China goes down and Africa up

Chinas GDP is still high, but its falling and it can go below 4%. The Chinese economy grew an annual 6,8 percent in the fourth quarter of 2015 which is the weakest since first quarter of 2009. For the full year of 2015, GDP expanded by 6,9 percent which is the weakest growth in 25 years.

China`s GDP annual growth rate came in at 3,80 percent in the fourth quarter of 1990, and peaked at an all-time high of 15,40 percent in the first quarter of 1993. GDP annual growth rate in China averaged 9,88 percent from 1989 until 2015.

 

China

 

Consumer prices in China rose 2,3 percent YoY in February of 2016 which is up from 1,8 percent in January. This is the highest inflation rate since July 2014. Inflation rate in China reached a record low of -2,20 percent in April of 1999, and an all-time high of 28,40 percent in February of 1989. Inflation rate in China averaged 5,51 percent from 1986 until 2016.

The most important components of the CPI basket in China, are Food with a 31,8 percent of total weight and Residence at 17,2 percent. Consumer prices rose 2,3 percent in February this year and that is the highest inflation rate since July 2014, as politically sensitive food prices surged 7,3 percent over the Lunar New Year holiday and cold weather.

Africa is another growth story. A quick look at the chart tell us a new fx bull market is imminent. Rand looks great vs pound.

 

Kenya

 

South Sudan is the youngest nation in the world and they are officially recognised as a country in July 2011. Despite taking about 75 percent of old Sudan`s oil reserves, it is one of the poorest regions in Africa and government revenues are still dependent of foreign aid.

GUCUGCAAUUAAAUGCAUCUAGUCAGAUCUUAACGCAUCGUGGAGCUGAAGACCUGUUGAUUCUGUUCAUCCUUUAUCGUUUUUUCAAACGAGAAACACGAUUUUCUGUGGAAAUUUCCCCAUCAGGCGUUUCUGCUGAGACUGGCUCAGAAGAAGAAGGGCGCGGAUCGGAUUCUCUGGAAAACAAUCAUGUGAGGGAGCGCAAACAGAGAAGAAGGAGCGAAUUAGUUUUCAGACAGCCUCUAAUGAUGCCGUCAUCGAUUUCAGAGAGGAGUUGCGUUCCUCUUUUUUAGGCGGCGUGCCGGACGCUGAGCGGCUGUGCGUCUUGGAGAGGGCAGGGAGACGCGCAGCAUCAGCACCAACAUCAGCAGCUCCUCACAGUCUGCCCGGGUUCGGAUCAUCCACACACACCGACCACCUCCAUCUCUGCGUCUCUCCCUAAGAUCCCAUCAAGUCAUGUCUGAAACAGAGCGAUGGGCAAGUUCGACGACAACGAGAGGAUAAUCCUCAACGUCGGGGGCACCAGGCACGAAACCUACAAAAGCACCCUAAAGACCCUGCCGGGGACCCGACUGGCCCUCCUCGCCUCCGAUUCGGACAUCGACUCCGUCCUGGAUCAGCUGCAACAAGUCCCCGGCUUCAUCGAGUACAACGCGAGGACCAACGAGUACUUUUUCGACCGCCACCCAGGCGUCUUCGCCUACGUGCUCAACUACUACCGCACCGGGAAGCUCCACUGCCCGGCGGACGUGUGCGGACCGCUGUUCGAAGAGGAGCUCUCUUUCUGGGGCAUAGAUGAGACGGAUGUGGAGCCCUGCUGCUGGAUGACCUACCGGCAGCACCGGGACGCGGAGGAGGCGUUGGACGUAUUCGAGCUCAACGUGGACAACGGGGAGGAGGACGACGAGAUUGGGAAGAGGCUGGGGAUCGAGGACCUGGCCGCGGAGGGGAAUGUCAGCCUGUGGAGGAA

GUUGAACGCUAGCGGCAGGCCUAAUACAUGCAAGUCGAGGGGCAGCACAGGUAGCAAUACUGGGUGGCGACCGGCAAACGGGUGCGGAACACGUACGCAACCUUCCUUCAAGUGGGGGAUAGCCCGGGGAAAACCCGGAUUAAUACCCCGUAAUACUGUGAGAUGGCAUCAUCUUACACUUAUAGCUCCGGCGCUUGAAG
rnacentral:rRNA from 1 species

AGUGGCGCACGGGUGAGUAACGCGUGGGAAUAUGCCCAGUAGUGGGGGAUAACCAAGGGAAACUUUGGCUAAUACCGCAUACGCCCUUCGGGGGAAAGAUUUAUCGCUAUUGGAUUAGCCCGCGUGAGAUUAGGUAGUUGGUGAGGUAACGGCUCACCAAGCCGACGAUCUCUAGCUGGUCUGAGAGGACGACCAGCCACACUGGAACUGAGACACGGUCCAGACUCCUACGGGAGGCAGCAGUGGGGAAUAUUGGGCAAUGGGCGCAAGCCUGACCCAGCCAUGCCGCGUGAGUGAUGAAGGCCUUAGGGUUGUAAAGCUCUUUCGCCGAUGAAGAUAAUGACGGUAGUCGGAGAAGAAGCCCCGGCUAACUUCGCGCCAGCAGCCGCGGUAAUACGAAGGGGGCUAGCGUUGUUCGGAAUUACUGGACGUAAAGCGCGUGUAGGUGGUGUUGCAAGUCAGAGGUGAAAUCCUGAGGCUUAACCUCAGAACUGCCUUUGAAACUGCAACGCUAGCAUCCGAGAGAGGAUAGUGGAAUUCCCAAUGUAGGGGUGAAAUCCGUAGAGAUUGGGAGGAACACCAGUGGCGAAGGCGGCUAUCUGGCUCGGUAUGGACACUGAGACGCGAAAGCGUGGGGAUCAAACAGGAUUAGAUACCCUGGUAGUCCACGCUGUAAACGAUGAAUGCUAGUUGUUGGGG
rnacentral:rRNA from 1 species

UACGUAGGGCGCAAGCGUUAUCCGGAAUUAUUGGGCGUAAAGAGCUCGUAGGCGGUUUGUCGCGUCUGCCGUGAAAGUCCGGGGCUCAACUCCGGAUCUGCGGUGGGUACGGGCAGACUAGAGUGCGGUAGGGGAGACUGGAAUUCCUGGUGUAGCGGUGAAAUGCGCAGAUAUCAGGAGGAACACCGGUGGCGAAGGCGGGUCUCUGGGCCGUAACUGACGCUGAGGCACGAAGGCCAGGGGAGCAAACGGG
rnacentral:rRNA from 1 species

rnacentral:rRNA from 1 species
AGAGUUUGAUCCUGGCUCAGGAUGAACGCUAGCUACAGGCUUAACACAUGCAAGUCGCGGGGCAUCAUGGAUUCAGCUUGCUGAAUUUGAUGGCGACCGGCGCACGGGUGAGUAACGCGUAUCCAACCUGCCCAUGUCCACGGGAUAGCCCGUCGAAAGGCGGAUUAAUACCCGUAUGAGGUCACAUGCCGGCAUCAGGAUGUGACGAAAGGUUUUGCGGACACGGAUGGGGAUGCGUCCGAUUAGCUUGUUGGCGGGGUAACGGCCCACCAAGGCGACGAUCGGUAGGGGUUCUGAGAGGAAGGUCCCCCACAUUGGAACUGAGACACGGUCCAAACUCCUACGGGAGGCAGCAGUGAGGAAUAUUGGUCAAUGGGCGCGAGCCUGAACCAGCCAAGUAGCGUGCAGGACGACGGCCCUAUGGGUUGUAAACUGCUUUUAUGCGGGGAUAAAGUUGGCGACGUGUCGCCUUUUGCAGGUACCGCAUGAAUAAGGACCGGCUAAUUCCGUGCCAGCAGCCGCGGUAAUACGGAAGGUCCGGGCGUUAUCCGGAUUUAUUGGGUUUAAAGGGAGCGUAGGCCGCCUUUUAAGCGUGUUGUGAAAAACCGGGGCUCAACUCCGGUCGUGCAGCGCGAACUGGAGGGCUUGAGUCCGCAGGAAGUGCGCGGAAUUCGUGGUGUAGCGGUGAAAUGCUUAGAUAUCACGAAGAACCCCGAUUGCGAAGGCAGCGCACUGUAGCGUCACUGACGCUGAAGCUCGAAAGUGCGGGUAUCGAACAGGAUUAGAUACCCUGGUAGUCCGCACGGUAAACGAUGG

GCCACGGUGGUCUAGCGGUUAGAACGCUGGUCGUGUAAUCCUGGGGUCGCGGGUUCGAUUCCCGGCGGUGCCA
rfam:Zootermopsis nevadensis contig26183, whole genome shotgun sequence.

They had massive growth in 2014. South Sudan expanded 15,90 percent in 2014 which is an all-time high, but it`s a young nation and keep in mind that they reached a record low of -46,10 percent in 2012.

Kenya has been experiencing steady growth for some years now. The World Bank predicted a growth rate of 6,6 percent in 2016 and 7 percent next year. How are they doing it? The growth comes from massive investments in infrastructure and jobs, and they are taking steps to improve the business climate, and a boost in exports.

This can be risky.

The threat of terrorist attacks from Al-Shabaab cause security concerns. Kenyas tourism industry is one of the countrys key sectors and Al-Shabaab has a negative impact on that industry. Their manufacturing sector has also been stagnant for some years. In addition, there is a lack of competition and minimal production.

Kenya is still highly dependent on agriculture and the sector made a significant 26 percent of the countrys GDP annually, and another 25 percent indirectly. The sector accounts for 65 percent of Kenyas total export.

Manufacturing is also important for Kenya`s growth. Investment opportunities include manufacturing of fertilizer, agro-processing, machine tools and machinery, garments, and engineering products for both domestic and export markets.

 

sb-wall5

 

Disclaimer: The views expressed in this article are those of the author and may not reflect those of Shiny bull. The author has made every effort to ensure accuracy of information provided; however, neither Shiny bull nor the author can guarantee such accuracy. This article is strictly for informational purposes only. It is not a solicitation to make any exchange in precious metal products, commodities, securities or other financial instruments. Shiny bull and the author of this article do not accept culpability for losses and/ or damages arising from the use of this publication.

Advertisements

1 Comment

Filed under Emerging markets

One response to “China goes down and Africa up

  1. China is so far ahead , that all the countries in Africa and Asia like India need decades to catch up.

Leave a Reply

Fill in your details below or click an icon to log in:

WordPress.com Logo

You are commenting using your WordPress.com account. Log Out / Change )

Twitter picture

You are commenting using your Twitter account. Log Out / Change )

Facebook photo

You are commenting using your Facebook account. Log Out / Change )

Google+ photo

You are commenting using your Google+ account. Log Out / Change )

Connecting to %s